Water Lilies on PondAROMATIC WATERS
U.S.D. 1926
Compiled by Ivor Hughes

Aromatic Waters are saturated solutions (unless otherwise specified) of volatile oils or other aromatic or volatile substances in distilled water. They are clear and free from solid impurities.

They possess an odor similar to the plant or volatile substance from which they are made, and are free from empyreumatic or foreign odors. Aromatic Waters should be protected from strong light and preferably stored in containers which are stoppered with purified cotton to allow access of some air but to exclude dust.

Aromatic Waters are prepared by one of the following processes U.S.

Medicated Waters; Aquae stillatitiae; Aquae Olei Volatili ; Distilled Waters; Hydrolati; Eaux Medicinales, Eaux distillees, Hydrolats, Fr.; Aquae Destillatae, P.G.; Destillirte W�sser, G.; Acque distillate, It.; Aguas Destiladas Sp.

1. Distillation - Place the odoriferous portion of the plant or drug from which the Aromatic Water is to be prepared in a suitable still with sufficient water, and distil most of the water, carefully avoiding the development of empyreumatic odors through the burning of the substances. Separate any excess of oil, and preserve or use the clear aqueous portion, which should be saturated with the flavoring or aromatic principles of the plant.

2. Solution - The Volatile Oil, or Other Specified Volatile Substance, 2 cc. or 2 Gm.; Distilled Water, a sufficient quantity, to make 1000 cc. Shake the volatile substance with 1000 cc. of distilled water in a capacious bottle, and repeat the shaking several times during a period of about fifteen minutes. Set the mixture aside for twelve hours or over night, filter through paper, and pass enough distilled water through the filter to obtain 1000 cc.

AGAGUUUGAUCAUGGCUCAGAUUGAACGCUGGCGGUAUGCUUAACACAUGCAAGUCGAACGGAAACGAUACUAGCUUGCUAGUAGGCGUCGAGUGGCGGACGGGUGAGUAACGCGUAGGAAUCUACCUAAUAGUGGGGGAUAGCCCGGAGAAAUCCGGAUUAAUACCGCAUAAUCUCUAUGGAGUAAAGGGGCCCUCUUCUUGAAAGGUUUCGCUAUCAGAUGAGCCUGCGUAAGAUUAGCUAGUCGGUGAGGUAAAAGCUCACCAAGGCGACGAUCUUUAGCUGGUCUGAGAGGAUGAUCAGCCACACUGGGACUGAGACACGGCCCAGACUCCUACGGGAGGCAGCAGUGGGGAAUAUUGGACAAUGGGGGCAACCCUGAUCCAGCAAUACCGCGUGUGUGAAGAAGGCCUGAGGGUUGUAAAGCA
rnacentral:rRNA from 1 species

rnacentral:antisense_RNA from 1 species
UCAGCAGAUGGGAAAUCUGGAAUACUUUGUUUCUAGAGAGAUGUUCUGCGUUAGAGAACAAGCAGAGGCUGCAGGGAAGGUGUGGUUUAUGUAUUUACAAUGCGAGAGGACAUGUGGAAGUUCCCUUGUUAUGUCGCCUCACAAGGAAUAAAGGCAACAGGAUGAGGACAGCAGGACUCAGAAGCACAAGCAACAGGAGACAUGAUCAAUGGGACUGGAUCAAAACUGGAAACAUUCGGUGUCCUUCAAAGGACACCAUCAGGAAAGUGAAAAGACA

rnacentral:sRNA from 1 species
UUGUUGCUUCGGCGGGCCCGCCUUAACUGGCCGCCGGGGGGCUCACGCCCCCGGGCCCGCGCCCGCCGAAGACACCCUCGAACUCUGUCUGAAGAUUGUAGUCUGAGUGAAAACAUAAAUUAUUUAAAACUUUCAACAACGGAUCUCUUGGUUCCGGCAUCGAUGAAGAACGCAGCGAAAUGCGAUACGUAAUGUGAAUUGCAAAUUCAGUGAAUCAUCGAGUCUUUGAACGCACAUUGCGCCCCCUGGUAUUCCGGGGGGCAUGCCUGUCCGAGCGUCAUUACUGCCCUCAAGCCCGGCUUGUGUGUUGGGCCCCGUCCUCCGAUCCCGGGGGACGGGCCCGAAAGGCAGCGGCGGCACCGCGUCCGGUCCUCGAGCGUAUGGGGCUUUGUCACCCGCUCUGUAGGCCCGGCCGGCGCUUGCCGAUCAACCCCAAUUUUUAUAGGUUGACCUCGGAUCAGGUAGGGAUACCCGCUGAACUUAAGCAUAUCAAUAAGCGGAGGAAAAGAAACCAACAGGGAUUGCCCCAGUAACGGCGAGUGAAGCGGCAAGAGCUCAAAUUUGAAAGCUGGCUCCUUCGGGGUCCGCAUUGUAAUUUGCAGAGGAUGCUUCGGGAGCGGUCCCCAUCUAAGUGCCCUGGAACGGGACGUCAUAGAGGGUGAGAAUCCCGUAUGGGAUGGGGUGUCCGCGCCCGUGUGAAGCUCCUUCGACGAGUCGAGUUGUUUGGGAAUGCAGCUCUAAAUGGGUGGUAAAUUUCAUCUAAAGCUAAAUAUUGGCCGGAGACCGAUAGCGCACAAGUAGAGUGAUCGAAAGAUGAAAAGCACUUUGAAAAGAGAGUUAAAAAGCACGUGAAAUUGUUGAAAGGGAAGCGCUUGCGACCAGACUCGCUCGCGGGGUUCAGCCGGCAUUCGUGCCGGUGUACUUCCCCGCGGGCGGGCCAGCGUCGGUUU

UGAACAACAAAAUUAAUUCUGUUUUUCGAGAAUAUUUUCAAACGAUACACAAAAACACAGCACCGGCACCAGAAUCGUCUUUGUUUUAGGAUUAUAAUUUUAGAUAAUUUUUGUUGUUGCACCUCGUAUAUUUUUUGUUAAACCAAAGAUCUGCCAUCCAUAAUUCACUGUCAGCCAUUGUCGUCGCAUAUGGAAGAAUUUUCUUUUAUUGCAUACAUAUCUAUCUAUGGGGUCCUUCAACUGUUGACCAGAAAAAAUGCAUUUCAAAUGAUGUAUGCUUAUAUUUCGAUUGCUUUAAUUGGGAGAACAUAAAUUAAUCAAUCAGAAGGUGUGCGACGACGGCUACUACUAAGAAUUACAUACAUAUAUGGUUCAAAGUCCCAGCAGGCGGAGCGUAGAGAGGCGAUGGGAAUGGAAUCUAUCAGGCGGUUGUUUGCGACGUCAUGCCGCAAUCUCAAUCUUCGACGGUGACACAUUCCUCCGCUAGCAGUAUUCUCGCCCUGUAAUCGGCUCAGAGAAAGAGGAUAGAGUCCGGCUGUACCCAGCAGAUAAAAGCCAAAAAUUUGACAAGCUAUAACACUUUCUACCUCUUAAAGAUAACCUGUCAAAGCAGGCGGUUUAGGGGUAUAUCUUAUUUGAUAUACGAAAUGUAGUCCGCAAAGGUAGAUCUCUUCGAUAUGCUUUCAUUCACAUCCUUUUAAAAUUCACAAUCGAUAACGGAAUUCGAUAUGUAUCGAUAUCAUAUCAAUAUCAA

If preferred, the Aromatic Water may be prepared by the above formula but with the addition of about 15 Gm. of purified talc, or a sufficient quantity of purified siliceous earth, or pulped filter paper, with which the volatile substance is thoroughly incorporated. Agitate the mixture well, and filter, returning the first portions of the filtrate until it comes through clear." U.S.

The Distilled Waters hold a much more prominent position in the pharmacy of Europe, particularly of continental Europe, than in that of the United States; and a great deal of thought and elaborate investigation has been bestowed there upon the various conditions calculated to furnish the best products by the most convenient method.

The British Pharmacopoiea (1914) directs the distillation process for the waters, but provides for certain medicated waters the alternative process as follows:

Aqua Olei Anethi, Anisi, Carui, Cinnamomi, Foeniculi, Menthe Piperitae, Menthae Viridis.

Each of these Waters may be prepared by triturating the corresponding Oil with twice its weight of Calcium Phosphate and five hundred times its volume of Distilled Water and filtering the mixture. In tropical and subtropical parts of the Empire these Aquae Olei may be used in place of the corresponding Aqua of the Text of the Pharmacopoeia Br.

Many vegetable substances impart their peculiar flavor to water distilled from them, and more or less of their medicinal properties. The Distilled Waters chiefly used are those prepared from aromatic plants, the volatile oils of which rise with the aqueous vapor and are condensed with it in the receiver. But as water is capable of holding but a small proportion of the oil in solution, these preparations are generally feeble, and are employed chiefly as pleasant vehicles or corrigents of other medicines.